Gone for Good? Breast Cancer Recurrence Debate Rages

Dr. Harry Bear, surgical oncologist at the Virginia Commonwealth University's Massey Cancer Center in Richmond, agreed. "Some of our [breast cancer] treatments delay recurrence rather than eradicating the last remaining cancer cell," he said.

How Recurrence Fears Affect Treatment

For any breast cancer survivor, the notion of recurrence plays an important role in treatment decisions.

The typical treatment for breast cancer patients can be divided into four categories: surgery to remove the cancer, radiation therapy to kill remaining cancer cells in the breast tissue, chemotherapy to stop the growth of cancer cells and hormone therapy to cease the production of hormones that fuel cancer cell growth.

Each of these treatment options reduces a woman's risk for breast cancer recurrence by a certain percentage. But the breast cancer patient is the ultimate decider of which of these treatments to take on, and whether the small reduction in recurrence risk is worth the side effects of treatment.

But the study, Shockney said, does not delve into the individual risk factors that could increase one woman's risk for recurrence over another's. For example, she noted, women who are genetically predisposed for developing breast cancer are at higher risk for disease recurrence, yet these women were grouped together with those who do not carry this genetic risk.

Moreover, she said, the study did not account for the different kinds of breast cancer recurrence -- some of which are small and localized, and some of which are aggressive and spread rapidly to other parts of the body -- or the methods by which women choose to treat their disease.

"Someone with [early stage] breast cancer who did bilateral mastectomies would have a small risk of distant or local recurrence [compared to] someone with [advanced stage] disease doing a lumpectomy [who] would have a higher risk," Shockney said.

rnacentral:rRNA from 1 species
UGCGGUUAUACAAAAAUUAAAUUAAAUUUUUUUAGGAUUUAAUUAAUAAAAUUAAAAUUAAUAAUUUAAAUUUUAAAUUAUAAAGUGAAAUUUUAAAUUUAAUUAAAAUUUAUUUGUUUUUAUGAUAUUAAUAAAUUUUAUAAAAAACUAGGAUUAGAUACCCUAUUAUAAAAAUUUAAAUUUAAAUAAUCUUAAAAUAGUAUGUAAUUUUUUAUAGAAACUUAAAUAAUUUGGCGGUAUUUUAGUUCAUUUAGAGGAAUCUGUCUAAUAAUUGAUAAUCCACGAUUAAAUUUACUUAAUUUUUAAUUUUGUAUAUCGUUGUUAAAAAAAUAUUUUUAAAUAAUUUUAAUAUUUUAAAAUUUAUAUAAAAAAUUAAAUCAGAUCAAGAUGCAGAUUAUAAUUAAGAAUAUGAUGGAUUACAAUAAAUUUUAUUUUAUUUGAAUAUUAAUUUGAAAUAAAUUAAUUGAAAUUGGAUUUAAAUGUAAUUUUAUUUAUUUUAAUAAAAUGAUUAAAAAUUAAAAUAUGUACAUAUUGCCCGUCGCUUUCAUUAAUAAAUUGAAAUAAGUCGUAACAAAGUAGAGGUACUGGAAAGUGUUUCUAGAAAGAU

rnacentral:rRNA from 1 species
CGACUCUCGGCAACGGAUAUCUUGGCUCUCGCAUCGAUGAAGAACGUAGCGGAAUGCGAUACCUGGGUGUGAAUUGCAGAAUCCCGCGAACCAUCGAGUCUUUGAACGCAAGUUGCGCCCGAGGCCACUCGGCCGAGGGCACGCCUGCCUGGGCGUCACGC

Getting the Most Out of Continuing Treatment

Generally, women who have hormone-responsive breast cancer are at higher risk for disease recurrence after five years of survival. Brewster hopes that this study will influence more of these patients to consider remaining on adjuvant therapy even after five years of survival.

"I would like the take-home message of this study to be if you do have a [hormone-responsive] tumor and received Tamoxifen for five years and are post-menopausal, you probably want to speak with [an] oncologist about whether or not there's a rule for taking extended adjuvant therapy by reviewing the risks and benefits of such treatment," Brewster said.

But for women who have survived breast cancer, a silver lining -- the longer you survive without disease recurrence, the less chance for recurrence you have.

"What women need to know from this is that there is a long-term recurrence, but the longer you live the smaller it is," said Dr. Susan Love, president and medical director of the Dr. Susan Love Research Foundation in Santa Monica, Calif. "If you are 10 years out, you are less likely [to have a recurrence] than if you are five [years out]."

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